II. Pedia Sapiens: A Planetary Progeny Comes to Her/His Own Actual Factual Knowledge
1. Indigenous Intimation: Mythic Animism
Nelson, Melissa and Daniel Shilling, eds. Traditional Ecological Knowledge: Learning from Indigenous Practices for Environmental Sustainability. Cambridge: Cambridge University Press, 2018. In these late mechanist years with our house on fire and no water to use, male history has ended up far removed from a spiritual sense of an animate, personified, encoded nature. Into the 2010s, this rare, unique collection revives and enhances original wisdom so that it might advise Earthlings once more so to save persons and planet. Some chapters are Native Science by Gregory Cajete (search), Toward a Philosophical Understanding of TEK and Ecofeminism by Joan McGregor, The Radiant Life with Animals by Linda Hogan and Indigenous Peoples and Cultural Sustainability by Rebecca Tsosie.
This book examines the importance of Traditional Ecological Knowledge (TEK) and how it can provide models for a time-tested form of sustainability needed in the world today. The essays explore TEK through cases of environmental sustainability from multiple tribal and geographic locations in North America and beyond. Grounded in an understanding of the profound relationship between biological and cultural diversity, this book surveys a holistic and broad disciplinary approach to sustainability, including language, art, and ceremony, as critical ways to maintain healthy human-environment relations.
Peroff, Nicholas. A Window on the Past: Complexity Theory in American Indian Studies. Wildcat, Daniel and Steven Pavlik, eds. Destroying Dogma: Vine Deloria’s Influence on Intellectual America. Golden, CO: Fulcrum Publishing, 2006. A University of Missouri-Kansas City philosopher astutely perceives how indigenous societies, so embedded in their natural habitats, can be appreciated as an archetypal exemplar of complex systems phenomena. As the native American sage Deloria himself well evoked, such a once and hopefully future milieu abided in a more organically dynamic attunement with earthly systems, as opposed to our consumptive, voracious machine.
From the perspective of complexity theory, the Menominee Nation and all other American Indian Tribes are Complex Adaptive Systems (CAS). Beginning with their earliest origins tens of thousands of years ago to the present, Native Nations have exhibited all of the distinguishing features of a CAS including life, self-organization and self-perpetuation, adaptivity, a composition of systems nested within systems, and a memory distributed and retained locally within the parts of the system. (6)
Peroff, Nicholas. Goethe’s Science: An Approach to Research in American Indian Studies. Nonlinear Dynamics, Psychology, and Life Sciences. 7/3, 2003. Please also see Peroff 2006 herein. We cite this unique paper for a 21st century appreciation of indigenous peoples as a natural embodiment of self-organizing complex systems, and for their ability to perceive, as if an original holistic right brain, not only objects alone, such as birds in flight, but the immaterial patterns and dynamics that join, sustain and move them. This second, mathematical dimension, escapes, is invisible, to our later left brain deficit, whereof only brute particulate matter exists.
In The Wholeness of Nature (1996), Henri Bortoft shows how a Goethean science of qualitative wholeness complements the analytic and causal explanatory framework that underlies most research in the natural and social sciences. Goethe’s insights and methods suggest that a better understanding of Indian tribes may occur when a tribe is regarded as its own abstraction and its own explanation. In Goethe’s approach to science, the human mind is an “organ of perception” and researchers are active participants in the way they see the world. Consider an Indian tribe and the goal of Goethean science is to intuitively “see” patterns of interpenetrating relationships in a dynamic process of self-organization that is the tribe. While analytic science and Goethe’s science of wholeness are incommensurable, both are true, and neither is comprehensive. (263)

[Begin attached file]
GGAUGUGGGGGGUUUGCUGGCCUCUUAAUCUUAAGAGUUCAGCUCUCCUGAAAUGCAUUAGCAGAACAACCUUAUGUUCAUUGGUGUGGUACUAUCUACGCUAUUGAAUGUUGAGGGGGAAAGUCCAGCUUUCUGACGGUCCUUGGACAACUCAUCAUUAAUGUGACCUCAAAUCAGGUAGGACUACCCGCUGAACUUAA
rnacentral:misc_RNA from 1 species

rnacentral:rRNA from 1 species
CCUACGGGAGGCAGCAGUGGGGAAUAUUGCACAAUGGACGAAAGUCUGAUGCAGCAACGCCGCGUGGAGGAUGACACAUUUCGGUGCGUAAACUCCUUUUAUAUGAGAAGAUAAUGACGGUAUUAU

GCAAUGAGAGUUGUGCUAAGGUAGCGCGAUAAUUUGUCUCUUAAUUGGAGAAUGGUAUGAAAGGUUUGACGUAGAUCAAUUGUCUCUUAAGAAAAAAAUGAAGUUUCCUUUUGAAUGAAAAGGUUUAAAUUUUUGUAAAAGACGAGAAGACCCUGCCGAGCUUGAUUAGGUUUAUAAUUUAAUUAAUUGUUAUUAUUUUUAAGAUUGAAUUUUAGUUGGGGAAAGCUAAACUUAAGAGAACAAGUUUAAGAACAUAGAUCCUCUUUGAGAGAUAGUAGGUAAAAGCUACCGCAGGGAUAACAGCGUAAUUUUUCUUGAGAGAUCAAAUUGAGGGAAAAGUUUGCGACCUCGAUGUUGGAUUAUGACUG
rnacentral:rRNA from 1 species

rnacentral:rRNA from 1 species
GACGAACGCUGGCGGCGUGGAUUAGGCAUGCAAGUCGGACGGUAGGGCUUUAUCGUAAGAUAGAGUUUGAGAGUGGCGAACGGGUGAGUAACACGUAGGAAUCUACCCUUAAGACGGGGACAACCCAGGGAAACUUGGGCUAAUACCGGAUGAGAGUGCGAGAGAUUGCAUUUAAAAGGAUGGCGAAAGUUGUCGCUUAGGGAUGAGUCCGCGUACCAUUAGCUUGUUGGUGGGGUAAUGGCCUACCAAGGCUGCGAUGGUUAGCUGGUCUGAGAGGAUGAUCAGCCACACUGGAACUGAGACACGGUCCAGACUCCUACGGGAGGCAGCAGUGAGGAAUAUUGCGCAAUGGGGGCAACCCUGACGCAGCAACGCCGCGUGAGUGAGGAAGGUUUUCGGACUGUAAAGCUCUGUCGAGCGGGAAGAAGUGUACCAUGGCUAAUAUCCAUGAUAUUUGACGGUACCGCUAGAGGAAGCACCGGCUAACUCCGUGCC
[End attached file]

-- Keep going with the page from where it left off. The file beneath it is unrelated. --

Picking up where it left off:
Peterson, Nicolas. Is the Aboriginal Landscape Sentient? Animism, the New Animism and the Warlpiri. Oceania. 81/2, 2011. The Australian National University anthropologist reviews the ways that indigenous peoples are seen to hold beliefs in an innate living, sensitive, ensouled milieu. As a prior example, to Edward Tyler in the 1920s animism meant an endemic presence of spiritual, interactive beings. Recent appreciations, akin to a new vitalist alchemy (search Kevin Chang), by Nurit Bird-David in 1999 (search) go on to perceive an aboriginal “relational epistemology.” Graham Harvey in a 2005 work Animism, cites a primordial sense whence every other creature, and natural feature, from rivers to ravens, exists as a personal entity on their own. While the Warlpiri tribe, some 5,000 in number near Alice Springs, is a good subject with their sensitivities to a life force and animals interchangeably morphing into humans, he demurs on whether this “animistic.”
Portmann, Adolf and Rudolf Ritsema, eds. Correspondences in Man and World. Leiden: E. J. Brill, 1975. A work in the Eranos series of Jungian and mythic studies that explores the ubiquitous presence of a micro/macro similitude as a built-in device by which the world can be known.
The cosmo-biological universe of the Dogon is based on two postulates, which are in fact common to African thought in general: a) the world is an organic whole and behaves like a being endowed with intelligence, b) man is a reproduction of this world on a very small scale. (236)
Ranseyer, Urs. The Theatre of the Universe: Ritual and Art in Tenganan Pegeringan Bali. Museum der Kulturen, 2009. How impoverished we are in our so modern western culture, when peoples such as these rural Balinese whom in both their village life and performances abide in a mandala space aligned with and guided by a numinous nature. In earlier times this indispensible correspondent guidance, barely comprehended today, was spatially static. How might it be recovered today as a temporal universe unto human gestation?